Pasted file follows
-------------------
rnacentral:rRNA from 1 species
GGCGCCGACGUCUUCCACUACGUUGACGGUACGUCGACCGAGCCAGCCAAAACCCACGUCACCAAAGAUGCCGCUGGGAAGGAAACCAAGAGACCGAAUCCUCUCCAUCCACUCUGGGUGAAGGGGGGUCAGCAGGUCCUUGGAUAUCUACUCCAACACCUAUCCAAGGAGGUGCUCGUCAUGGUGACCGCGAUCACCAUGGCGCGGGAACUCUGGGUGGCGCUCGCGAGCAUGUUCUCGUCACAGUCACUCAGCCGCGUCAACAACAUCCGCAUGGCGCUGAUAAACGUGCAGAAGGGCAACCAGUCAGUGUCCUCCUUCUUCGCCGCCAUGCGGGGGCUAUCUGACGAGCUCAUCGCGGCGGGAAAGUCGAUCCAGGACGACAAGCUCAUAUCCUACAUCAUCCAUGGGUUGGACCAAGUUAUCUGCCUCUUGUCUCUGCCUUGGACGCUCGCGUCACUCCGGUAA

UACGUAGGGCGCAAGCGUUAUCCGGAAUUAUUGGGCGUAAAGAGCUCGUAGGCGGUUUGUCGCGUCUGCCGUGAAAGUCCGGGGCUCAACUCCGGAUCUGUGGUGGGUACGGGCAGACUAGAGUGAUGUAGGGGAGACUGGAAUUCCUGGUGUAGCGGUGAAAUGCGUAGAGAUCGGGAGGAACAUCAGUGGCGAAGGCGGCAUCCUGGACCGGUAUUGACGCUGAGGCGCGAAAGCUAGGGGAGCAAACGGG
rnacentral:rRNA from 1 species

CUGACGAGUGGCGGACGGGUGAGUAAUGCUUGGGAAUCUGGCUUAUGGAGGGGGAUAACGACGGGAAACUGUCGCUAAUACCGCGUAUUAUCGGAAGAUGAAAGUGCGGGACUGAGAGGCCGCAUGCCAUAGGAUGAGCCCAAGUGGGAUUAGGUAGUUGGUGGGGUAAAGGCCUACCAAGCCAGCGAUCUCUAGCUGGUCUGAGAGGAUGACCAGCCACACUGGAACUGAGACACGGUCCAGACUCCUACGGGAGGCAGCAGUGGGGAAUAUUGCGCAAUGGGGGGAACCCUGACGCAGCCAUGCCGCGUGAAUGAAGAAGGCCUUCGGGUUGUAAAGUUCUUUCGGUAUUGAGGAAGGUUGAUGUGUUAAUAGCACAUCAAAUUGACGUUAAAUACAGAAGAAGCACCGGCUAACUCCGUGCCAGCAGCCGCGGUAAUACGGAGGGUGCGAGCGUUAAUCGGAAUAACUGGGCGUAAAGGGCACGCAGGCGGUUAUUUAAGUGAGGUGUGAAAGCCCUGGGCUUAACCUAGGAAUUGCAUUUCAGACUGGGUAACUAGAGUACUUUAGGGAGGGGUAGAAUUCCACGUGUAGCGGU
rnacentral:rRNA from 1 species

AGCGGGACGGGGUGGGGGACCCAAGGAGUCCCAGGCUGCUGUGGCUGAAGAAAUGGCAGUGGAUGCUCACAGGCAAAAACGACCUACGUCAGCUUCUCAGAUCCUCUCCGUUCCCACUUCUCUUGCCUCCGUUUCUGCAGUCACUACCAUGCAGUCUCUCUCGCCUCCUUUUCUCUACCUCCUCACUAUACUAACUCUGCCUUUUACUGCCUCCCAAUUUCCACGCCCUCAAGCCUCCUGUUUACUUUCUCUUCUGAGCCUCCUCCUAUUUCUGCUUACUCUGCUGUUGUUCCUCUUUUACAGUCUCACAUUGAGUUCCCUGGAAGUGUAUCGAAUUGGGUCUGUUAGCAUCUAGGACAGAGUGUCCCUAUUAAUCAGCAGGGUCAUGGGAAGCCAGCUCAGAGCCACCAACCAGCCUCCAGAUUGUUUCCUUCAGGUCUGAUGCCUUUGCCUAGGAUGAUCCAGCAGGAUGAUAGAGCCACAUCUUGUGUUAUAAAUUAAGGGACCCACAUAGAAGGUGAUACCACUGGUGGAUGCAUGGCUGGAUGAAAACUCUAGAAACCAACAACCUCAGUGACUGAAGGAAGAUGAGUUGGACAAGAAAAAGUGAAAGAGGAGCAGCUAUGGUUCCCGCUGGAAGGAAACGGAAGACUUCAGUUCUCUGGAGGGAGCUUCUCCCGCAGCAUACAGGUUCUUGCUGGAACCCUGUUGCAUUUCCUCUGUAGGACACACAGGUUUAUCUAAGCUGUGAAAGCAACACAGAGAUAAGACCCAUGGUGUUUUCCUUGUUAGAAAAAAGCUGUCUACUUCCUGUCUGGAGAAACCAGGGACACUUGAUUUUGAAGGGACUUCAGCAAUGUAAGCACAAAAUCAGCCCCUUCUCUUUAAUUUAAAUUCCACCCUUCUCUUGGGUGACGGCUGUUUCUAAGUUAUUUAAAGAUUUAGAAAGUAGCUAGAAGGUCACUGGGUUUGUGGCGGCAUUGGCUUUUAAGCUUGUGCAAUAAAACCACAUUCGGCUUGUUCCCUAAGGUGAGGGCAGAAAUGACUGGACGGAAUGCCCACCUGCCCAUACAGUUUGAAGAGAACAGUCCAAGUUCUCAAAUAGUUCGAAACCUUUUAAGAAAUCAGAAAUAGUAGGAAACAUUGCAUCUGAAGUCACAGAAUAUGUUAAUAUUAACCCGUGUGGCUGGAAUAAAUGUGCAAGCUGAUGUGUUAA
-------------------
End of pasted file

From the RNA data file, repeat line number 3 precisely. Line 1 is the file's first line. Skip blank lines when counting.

UACGUAGGGCGCAAGCGUUAUCCGGAAUUAUUGGGCGUAAAGAGCUCGUAGGCGGUUUGUCGCGUCUGCCGUGAAAGUCCGGGGCUCAACUCCGGAUCUGUGGUGGGUACGGGCAGACUAGAGUGAUGUAGGGGAGACUGGAAUUCCUGGUGUAGCGGUGAAAUGCGUAGAGAUCGGGAGGAACAUCAGUGGCGAAGGCGGCAUCCUGGACCGGUAUUGACGCUGAGGCGCGAAAGCUAGGGGAGCAAACGGG